After World War II, the American economy embarked upon an era of tremendous growth and prosperity. This was fueled in part by new technologies that were developed for the military during the war, but mostly by a rapidly-growing population and pent-up demand for bigger houses and durable goods like automobiles and household appliances.
We have reached a point where our birthrate and population growth from immigration have slowed. We have also saturated our market with automobiles and appliances. Consumers in China and India, on the other hand, are just beginning to acquire automobiles in large numbers and move into less-crowded housing.
That is why large corporations are much more interested in doing business with China and India. Steve Wynn is blowing smoke when he says the Chinese government is more favorable to business. The real reason he prefers the Chinese market is because Macau has only a handful of casinos and proximity to millions of newly-wealthy Asian gamblers, while Las Vegas is saturated with competition.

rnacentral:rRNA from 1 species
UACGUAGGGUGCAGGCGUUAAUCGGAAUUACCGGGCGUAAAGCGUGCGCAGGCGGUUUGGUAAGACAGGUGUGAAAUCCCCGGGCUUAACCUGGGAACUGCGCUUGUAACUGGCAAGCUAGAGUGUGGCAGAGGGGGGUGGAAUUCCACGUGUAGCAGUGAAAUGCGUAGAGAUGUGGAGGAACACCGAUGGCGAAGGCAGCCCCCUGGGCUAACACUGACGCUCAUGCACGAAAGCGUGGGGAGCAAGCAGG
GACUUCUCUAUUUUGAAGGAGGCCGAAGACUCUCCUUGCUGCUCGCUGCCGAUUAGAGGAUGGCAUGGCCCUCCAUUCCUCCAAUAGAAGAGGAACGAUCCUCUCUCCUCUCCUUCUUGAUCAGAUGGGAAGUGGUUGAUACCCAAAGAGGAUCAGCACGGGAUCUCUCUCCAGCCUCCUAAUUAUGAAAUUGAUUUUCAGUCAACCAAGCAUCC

When large corporations push tax-the-poor memes and schemes to end employer-sponsored health insurance and replace it with vouchers for individual policies, they really don't care that they are reducing the buying power of American consumers. Their future profits will come from overseas markets.
Once an entire generation of Americans has given up the "American Dream" of owning a spacious single-family house and a car for every adult, big corporations will again find the American consumer worth courting. Getting us to that point while expanding their markets in Asia is their long-term strategy.
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